Once you get comfortable practicing
the scale routine in A major,
we can start to get creative,
and explore different
combinations of notes,
within these hand positions.
First, I'm gonna improvise
with an A drone,
so that I'm always listening for
hearing the quality of each interval.
I can do a guide tone improvisation on
each note of the scale.
I'll do two phrases on A, and
then I'll do two phrases on B, and so on.
I just did one phrase on A,
here's the second.
And it's always kind of nice
to vibrate on the long notes,
that end the phrases.
Let's move up to B.
With a little hammer on.
Another hammer on.
So many hammer ons.
have to stay
do the note
That has the most rub and dissonance
in A-major, the 7th scale degree.
End on A.
So I would still highly recommend
to keep doing this guide tone
improvisation, with A major, or
any of the other scales that
you wanna be practicing.
Also, I wanted to work on a little
bit of patterns with A major,
like we did for G minor pentatonic.
I wanna show you how
the three note ascending, and
the four note ascending
pattern work on A major.
So we'll do this with the drone as well.
We have three notes going up.
Now I'm gonna do that pattern starting
from each scale degree.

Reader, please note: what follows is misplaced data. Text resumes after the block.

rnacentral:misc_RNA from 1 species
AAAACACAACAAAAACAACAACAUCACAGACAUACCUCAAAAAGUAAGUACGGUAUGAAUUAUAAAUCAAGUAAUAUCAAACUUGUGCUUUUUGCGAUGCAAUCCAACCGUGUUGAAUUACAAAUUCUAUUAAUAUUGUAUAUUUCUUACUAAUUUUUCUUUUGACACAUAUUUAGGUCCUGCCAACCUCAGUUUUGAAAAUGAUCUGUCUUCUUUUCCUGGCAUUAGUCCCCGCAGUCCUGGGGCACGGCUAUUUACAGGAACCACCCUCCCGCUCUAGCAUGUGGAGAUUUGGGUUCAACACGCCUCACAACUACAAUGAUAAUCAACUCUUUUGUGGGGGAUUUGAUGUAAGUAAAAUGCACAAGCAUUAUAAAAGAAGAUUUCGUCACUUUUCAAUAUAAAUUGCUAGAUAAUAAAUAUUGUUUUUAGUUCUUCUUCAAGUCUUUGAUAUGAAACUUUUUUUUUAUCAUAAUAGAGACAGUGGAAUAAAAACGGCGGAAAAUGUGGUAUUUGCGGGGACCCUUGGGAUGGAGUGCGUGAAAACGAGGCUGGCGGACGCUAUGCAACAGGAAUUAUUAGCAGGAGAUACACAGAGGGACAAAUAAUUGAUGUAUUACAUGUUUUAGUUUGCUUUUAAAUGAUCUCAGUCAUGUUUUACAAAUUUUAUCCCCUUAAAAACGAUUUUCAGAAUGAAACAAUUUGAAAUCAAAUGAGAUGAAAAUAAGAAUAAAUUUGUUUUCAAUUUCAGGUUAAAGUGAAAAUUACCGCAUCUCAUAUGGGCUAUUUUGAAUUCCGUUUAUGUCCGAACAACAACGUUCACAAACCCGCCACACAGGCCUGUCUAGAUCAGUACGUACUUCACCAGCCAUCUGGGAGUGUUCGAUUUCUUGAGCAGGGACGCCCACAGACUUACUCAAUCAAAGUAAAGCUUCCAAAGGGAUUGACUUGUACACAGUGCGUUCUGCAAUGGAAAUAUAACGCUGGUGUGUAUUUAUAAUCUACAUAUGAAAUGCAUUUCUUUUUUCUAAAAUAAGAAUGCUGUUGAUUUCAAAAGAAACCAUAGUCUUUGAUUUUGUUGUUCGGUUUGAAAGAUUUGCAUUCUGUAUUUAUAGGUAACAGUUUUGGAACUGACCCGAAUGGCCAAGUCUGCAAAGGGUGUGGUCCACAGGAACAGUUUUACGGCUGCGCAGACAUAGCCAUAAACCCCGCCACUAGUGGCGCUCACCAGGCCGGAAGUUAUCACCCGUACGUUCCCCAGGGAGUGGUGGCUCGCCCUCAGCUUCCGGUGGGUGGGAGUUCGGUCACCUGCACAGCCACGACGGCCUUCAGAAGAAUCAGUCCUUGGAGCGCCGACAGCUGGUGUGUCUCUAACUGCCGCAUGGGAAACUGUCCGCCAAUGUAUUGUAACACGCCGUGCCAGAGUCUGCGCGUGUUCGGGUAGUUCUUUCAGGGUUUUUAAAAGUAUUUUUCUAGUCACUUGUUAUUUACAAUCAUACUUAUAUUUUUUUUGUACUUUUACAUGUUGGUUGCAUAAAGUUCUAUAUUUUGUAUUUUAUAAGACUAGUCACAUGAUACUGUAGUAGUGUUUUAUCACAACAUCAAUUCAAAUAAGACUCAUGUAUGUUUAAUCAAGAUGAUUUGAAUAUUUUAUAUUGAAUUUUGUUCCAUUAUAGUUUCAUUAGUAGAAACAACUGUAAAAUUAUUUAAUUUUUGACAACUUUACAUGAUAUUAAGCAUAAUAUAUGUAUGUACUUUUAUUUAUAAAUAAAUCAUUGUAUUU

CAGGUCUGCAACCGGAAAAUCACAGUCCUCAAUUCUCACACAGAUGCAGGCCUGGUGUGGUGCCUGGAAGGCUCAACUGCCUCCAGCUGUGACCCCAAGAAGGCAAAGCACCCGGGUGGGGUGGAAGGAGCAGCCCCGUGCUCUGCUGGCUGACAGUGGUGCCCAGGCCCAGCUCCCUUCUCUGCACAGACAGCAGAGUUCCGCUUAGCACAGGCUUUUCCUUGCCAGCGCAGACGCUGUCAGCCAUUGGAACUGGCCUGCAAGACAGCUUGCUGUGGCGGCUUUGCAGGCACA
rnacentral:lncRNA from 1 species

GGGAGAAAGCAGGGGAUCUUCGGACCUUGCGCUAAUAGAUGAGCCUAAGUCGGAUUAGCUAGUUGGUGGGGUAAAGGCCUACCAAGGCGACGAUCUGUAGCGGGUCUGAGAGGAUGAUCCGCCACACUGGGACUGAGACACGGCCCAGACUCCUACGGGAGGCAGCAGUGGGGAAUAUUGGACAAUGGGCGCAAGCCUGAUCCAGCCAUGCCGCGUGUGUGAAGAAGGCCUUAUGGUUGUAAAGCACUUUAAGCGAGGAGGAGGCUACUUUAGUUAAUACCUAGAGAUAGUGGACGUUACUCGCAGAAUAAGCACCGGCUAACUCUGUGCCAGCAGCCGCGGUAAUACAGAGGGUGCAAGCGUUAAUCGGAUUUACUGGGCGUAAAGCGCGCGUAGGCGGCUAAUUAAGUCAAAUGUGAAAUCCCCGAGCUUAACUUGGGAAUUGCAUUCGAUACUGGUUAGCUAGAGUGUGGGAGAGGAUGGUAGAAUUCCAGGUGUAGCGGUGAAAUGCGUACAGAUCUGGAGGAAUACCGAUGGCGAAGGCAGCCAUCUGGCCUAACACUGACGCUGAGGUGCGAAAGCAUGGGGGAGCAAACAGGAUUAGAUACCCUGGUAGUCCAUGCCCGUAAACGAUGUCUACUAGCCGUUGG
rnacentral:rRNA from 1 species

do a down to
are actually really
important to practice.
Because in the one octave routine that
I taught you in a previous lesson,
we're just starting at the bottom,
and we're going to the top, and
then we're heading back
down to the bottom.
But, we wanna get to know
the inside of the scale.
We wanna know what it's like to
move from each note in the scale,
because that's how melodies
work most of the time.
Let's do one more pattern.
Let's do four notes ascending and
then we'll do four notes descending.
So, that's gonna help us improvise,
because it can give us some really quick
riffs to work into our improvisation.
And they always actually sound really cool
when you can play them faster like this.
You can practice little
short sets of patterns.
And if you play them faster,
it gives a really nice overall shape.
So practice these patterns and you can
even come up with your own pattern,
the pattern can be two notes long,
it could be three notes long,
it could be four notes long, and
you could choose any sort of direction.
You could be kind of arbitrary about it.
You could say,
I'm gonna do a three note pattern and
the first note is gonna go up, and
the second note is gonna go down.
They don't even have to
be next to each other.
So that might sound like this.
We go up and down, and
we'll try that again from B.
We'll go up and then down.
And then we'll start on C sharp and
we'll go up, and then down.
You can get creative and
create your own patterns and see,
once you come up with the pattern,
if you can take it through the scale.
Do some free exploration with the drone,
and even see how it feels
with the Jazz backing track.